In recent years, the pig industry in Tanzania has faced frequent occurrence of outbreaks of African swine fever (ASF). However, there is inadequate information on the pig value chain operation in relation to occurrence of ASF. This study aimed at mapping pig value chain and assess its contribution to the occurrence and spread of ASF in Tanzania.
A cross sectional study was carried out in Songwe, Momba, Songea and Mbinga districts of Tanzania. Study districts were purposively selected based on the density of pig population, differences in production systems and history of ASF outbreaks. A total number of 484 pig producers and 28 traders were involved in the study. Random sampling was used to select pig producers. Pig traders were selected using snowball technique. Structured questionnaires were used to collect data on pig management and production practices, veterinary seivices, pig marketing practices and biosecurity measures using Open Data Kit (ODK) software. Semi structured interviews were conducted with key informants on perceived risk practices that are related to ASF outbreaks, challenges and recommendations on ASF prevention and control measures. Observation method was used to assess structure, facilities and practices within the pig production chain.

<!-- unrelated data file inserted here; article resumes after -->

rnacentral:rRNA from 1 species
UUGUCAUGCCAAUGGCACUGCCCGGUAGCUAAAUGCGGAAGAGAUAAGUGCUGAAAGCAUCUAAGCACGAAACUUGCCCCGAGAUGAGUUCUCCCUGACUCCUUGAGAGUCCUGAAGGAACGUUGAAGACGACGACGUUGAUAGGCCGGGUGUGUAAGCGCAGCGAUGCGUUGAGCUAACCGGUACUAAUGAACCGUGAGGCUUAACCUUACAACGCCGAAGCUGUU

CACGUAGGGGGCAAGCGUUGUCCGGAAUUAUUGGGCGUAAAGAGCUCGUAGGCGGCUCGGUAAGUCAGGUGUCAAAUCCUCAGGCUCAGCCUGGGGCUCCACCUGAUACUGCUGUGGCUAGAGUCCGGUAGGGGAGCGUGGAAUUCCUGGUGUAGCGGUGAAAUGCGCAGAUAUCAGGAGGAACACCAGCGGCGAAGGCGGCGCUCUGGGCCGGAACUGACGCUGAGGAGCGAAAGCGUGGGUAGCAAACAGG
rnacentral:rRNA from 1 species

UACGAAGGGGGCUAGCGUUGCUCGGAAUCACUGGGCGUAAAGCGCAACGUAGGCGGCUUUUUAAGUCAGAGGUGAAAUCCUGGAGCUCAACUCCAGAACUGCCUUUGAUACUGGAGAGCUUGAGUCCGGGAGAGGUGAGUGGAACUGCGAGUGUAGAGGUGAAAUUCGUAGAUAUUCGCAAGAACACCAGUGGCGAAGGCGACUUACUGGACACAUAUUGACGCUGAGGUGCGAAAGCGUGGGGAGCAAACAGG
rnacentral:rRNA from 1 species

The main actors in the pig production chain were pig producers, assemblers, wholesalers and retailers. Unknown stock source (30%), poor husbandry practice such as free ranging (5%), poor management of waste products (73%) and poor handling of feed (73%) were risk practices in the production node. Transportation nodes operated under high risk due to frequent movements and pick-ups of ≥ 30 pigs per trip.
The results demonstrated that different actors operate in the pig production, distribution and marketing chain. Each node operated under low biosecurity measures, and poor infrastructures that are likely to contribute to occurrence of ASF. There is need to improve good husbandry practices, marketing and infrastructures to increase production while ensuring pork safety.